This is the number of sectors reserved for BPB and, presumably, other stuff. The Microsoft specification states that it should “never be anything other than 1” for a FAT16 file system. (However, I have seen other numbers...)

…$ od -A d -j 14 -N 2 -t d2 boot.BPB.img 
0000014     1
…$ BPB_RsvdSecCnt=1

Number of FATs

The FAT file system is named after the File Allocation Table, a big table that forms the pointers to the clusters used for files and directories. How many FATs are there? There ought to be two.

…$ od -A d -j 16 -N 1 -t d1 boot.BPB.img 
0000016    2
…$ BPB_NumFATs=2

Root directory entry count

This is a count of the number of root directory entries for FAT12 and FAT16 file systems. Each of these entries is 32-bytes long. Expect to find 512 entries which works out to about 200 files.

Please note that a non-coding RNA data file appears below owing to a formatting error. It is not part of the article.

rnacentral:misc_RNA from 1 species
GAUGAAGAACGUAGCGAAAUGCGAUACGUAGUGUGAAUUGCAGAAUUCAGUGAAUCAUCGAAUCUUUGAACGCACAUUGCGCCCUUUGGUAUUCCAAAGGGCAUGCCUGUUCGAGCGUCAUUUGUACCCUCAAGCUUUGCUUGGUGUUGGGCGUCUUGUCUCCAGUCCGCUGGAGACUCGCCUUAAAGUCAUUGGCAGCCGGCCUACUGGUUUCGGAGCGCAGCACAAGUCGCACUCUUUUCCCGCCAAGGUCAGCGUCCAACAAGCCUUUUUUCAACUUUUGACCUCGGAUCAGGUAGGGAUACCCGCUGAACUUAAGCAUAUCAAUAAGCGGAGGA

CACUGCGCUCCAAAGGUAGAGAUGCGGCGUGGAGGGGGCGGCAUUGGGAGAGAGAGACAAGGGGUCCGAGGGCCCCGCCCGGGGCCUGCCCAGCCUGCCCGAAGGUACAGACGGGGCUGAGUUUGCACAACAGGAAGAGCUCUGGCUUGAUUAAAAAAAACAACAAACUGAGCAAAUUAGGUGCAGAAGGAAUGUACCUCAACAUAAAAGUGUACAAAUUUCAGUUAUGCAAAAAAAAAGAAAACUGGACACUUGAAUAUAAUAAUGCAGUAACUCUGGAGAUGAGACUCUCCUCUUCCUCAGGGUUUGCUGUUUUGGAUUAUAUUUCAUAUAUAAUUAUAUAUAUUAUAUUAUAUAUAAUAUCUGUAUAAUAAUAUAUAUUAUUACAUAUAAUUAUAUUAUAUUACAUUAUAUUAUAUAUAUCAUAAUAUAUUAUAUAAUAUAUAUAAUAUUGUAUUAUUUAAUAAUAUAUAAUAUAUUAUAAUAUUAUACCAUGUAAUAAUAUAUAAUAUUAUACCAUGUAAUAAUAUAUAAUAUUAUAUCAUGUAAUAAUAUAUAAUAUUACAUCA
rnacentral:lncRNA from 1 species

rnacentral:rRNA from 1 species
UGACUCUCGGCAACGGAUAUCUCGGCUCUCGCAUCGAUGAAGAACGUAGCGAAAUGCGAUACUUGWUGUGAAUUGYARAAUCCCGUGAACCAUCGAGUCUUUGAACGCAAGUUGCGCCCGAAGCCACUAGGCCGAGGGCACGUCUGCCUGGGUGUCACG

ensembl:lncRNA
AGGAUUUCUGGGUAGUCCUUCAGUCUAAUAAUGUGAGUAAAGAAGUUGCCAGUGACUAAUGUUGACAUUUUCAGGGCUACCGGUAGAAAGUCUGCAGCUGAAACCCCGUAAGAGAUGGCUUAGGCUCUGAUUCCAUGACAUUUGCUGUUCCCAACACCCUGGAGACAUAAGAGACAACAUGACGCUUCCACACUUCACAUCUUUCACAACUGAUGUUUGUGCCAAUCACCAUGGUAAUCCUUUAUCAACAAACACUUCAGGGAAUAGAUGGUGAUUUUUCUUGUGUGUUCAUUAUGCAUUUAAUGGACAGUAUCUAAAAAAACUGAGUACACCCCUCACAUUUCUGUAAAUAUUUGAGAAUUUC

…$ od -A d -j 17 -N 2 -t d2 boot.BPB.img 
0000017    512
…$ BPB_RootEntCnt=512

Total sectors

This one is a little tricky because the number of sectors may by larger than the maximum number (65535 or 216-1) that can be stored in 16 bits. If the 16-bit field stored at offset 19 is 0, you must look at the 32-bit field stored at offset 32.

At this point, your numbers may differ from those you see below. This is because the size of the boot partition varies between different Raspberry Pi relases.

…$ od -A d -j 19 -N 2 -t d2 boot.BPB.img 
0000019      0
…$ BPB_TotSec16=0
…$ od -A d -j 32 -N 4 -t d4 boot.BPB.img 
0000032      114688
…$ BPB_TotSec32=114688
…$ TotSec=$BPB_TotSec32
…$ echo $TotSec

Sanity check